Friends Journal welcomes articles, poetry, art, photographs, and letters from our readers. We are also helped by your comments and questions. We are an independent magazine serving the entire Religious Society of Friends. Our mission is “to communicate Quaker experience in order to connect and deepen spiritual lives,” which allows for a variety of viewpoints and subject matter. We welcome submissions from Friends and non-Friends alike.

Read our full editorial guidelines and learn about the different types of articles we publish on our Submissions Page.

Upcoming General Submissions Deadlines:

  • July 19, 2021 (October issue)
  • August 23, 2021 (November issue)
  • November 22, 2021 (February issue)

Many issues of Friends Journal are set aside for specific themes. Every 18 months or so we poll readers and dream up ideas for future issues (you can see the current list on our submissions page).

We also keep five issues a year open: no theme and no expectations. Most of our unsolicited articles go into a “General Submissions” list that we hold for these issues. Sometimes a choice is easy: we’ll get a blockbuster article that we know we just have to print. But just as often we’ll run some quiet piece of Quaker life that is offered to us without regard to our schedules.

The first bit of advice is to give our editorial submission guidelines a good once-over. The introduction to what we’re looking for is instructive.

We prefer articles written in a fresh, non‐academic style. Friends value an experiential approach to life and religious thought. Our readers particularly value articles on: exploring Friends’ testimonies and beliefs; integrating faith, work, and home lives; historical and contemporary Friends; social concerns and actions; and the variety of beliefs across the branches of Friends.

You should also study our tips for writing for Friends Journal. This is our list of the most-common pitfalls for incoming submissions—problems like length, structure, and tone.

The next thing to ask when writing or pitching an article to us is “why Friends Journal?” There are very few places where someone can write on the Quaker experience and see their work published. This scarcity weighs on us as we select an open issue’s mix. Authors don’t need to be Quaker, but the piece should have a strong Quaker hook. We’re not above doing a control-F on a submission to see how many times “Quaker” or “Friends” is mentioned. If it’s just a tacked-on reference because you’re shopping a piece written for another publication, it probably won’t work for us.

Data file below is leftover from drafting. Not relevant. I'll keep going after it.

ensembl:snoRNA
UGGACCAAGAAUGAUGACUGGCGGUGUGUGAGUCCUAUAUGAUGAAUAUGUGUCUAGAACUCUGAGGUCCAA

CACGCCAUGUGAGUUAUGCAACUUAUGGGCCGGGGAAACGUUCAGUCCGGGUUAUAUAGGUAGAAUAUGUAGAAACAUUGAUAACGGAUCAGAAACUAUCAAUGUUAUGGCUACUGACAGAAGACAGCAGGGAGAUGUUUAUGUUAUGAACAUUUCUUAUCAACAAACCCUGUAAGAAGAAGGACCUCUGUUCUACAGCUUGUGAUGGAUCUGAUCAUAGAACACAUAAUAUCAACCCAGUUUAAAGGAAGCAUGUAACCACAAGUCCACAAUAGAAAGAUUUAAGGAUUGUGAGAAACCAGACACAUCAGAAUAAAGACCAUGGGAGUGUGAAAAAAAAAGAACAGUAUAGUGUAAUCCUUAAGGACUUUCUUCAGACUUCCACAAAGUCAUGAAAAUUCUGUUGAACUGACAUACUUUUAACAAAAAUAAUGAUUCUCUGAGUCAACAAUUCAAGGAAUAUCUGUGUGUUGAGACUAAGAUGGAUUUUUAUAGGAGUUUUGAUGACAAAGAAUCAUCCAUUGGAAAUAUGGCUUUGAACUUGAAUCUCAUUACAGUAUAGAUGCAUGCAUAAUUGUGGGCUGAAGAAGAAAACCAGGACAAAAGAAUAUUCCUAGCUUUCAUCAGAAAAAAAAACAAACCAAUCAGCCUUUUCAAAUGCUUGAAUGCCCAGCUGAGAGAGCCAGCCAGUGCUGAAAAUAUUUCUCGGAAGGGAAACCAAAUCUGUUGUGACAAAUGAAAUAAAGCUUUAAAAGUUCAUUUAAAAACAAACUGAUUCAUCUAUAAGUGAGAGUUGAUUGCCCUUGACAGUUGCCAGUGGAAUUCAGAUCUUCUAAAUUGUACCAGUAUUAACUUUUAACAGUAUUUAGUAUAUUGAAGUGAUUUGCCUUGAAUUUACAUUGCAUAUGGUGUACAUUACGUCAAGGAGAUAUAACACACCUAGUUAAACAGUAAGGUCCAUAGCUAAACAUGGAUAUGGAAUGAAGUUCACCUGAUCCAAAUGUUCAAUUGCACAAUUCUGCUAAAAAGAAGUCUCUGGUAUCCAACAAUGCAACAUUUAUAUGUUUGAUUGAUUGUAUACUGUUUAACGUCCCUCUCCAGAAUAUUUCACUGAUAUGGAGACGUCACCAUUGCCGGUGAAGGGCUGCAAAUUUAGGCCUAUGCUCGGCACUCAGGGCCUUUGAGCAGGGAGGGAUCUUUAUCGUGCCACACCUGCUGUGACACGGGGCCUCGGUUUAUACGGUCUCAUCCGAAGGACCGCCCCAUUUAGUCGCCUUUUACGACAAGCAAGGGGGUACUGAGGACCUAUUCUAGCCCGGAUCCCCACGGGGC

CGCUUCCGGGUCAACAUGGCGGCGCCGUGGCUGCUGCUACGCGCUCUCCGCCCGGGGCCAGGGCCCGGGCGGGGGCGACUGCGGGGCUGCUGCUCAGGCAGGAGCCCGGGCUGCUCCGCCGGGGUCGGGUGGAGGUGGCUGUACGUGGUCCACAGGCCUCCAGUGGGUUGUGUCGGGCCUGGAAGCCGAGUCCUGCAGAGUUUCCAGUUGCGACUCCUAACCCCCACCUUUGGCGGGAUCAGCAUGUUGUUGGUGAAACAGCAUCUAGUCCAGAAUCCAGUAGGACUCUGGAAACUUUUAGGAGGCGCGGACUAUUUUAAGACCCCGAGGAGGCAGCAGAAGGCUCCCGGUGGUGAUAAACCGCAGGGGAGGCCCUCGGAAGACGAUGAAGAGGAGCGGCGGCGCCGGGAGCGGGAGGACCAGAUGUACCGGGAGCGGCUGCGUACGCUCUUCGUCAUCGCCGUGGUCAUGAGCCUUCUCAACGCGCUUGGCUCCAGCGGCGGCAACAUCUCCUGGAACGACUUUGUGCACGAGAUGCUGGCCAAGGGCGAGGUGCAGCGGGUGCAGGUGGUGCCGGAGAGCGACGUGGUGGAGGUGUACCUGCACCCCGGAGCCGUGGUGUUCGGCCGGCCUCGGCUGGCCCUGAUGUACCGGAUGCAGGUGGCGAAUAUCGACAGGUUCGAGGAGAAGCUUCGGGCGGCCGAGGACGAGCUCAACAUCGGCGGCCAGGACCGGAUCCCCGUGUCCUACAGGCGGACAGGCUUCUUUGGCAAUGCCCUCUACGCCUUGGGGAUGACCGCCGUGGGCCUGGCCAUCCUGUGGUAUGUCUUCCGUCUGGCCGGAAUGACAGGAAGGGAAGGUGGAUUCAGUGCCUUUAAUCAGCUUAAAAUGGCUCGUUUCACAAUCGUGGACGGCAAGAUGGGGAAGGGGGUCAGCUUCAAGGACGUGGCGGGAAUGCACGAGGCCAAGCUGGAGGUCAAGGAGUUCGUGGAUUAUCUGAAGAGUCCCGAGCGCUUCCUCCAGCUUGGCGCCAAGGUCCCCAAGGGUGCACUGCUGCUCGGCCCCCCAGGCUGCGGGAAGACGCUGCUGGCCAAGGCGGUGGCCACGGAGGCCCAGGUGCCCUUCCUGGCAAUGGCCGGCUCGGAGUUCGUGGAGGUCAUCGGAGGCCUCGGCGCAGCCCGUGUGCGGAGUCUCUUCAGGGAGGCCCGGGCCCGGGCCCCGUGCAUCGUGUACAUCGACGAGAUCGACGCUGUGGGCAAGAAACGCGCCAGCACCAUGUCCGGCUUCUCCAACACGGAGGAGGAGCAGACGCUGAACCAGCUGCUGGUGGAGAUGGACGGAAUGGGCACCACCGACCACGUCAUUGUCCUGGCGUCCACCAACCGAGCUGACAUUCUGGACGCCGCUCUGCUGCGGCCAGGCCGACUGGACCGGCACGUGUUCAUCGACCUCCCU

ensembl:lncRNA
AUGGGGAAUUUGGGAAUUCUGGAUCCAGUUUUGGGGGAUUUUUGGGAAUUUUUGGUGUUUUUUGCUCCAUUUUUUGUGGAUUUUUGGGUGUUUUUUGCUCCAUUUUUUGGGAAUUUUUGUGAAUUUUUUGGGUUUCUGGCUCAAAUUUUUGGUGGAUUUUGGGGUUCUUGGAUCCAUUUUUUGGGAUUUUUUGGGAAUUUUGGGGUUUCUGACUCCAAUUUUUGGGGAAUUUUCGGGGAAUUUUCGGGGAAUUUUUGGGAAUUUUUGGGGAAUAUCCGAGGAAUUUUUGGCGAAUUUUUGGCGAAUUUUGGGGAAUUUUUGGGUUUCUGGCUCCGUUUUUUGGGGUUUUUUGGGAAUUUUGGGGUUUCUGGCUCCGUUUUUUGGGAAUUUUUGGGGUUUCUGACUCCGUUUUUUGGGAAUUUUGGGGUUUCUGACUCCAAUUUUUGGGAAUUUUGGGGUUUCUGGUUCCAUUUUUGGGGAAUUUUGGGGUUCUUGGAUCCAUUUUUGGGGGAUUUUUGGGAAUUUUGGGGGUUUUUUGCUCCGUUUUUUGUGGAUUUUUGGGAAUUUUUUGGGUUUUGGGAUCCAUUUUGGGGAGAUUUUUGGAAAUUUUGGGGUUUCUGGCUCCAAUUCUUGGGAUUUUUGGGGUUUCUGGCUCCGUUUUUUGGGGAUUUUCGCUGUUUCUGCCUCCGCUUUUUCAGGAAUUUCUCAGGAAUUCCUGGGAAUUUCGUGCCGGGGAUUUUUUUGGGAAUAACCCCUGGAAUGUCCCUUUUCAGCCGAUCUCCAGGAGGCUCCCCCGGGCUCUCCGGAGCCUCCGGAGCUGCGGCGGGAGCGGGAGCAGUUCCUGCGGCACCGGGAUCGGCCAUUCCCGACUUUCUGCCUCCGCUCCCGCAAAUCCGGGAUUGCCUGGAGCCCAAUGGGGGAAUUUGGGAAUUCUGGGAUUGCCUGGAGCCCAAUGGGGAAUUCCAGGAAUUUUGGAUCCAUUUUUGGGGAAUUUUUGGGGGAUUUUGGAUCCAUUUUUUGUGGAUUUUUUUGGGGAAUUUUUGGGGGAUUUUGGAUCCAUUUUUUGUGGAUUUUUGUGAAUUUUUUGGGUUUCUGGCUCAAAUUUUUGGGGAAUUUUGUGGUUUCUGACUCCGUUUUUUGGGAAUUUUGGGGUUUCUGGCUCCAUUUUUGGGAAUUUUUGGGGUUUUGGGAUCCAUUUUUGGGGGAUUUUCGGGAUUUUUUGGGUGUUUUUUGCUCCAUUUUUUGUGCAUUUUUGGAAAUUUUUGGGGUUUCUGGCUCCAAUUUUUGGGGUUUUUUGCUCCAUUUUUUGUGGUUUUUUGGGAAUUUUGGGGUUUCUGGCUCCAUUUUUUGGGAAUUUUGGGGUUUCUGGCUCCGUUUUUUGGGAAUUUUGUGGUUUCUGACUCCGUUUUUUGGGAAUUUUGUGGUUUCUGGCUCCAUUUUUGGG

When you’re ready to send us something, please use the Submittable service so that we will have all of your information on file. “General Submissions” is the category for material that we consider for non-themed issues.

Link to share: Writing for General Submissions

Please note: All poetry should be submitted separately here.

Due 8/23/2021

For this special issue, we're seeking short stories from 500-2000 words, and flash fiction of less than 500 words.

We are using “Speculative Fiction” in a broad sense, to describe stories from a range of genres where the story turns on elements that are not observably true of the world we live in: science fiction, fantasy, and alternate history, as well as horror and romance stories with fantastic or science fictional elements. Speculative fiction asks, “how would the world and the way we live in it be different if X were true?” and examines that question using fiction as a lens.

Quaker Speculative Fiction asks, “how would the world and the way Quakers live in it be different if X were true?”

A note on religious elements: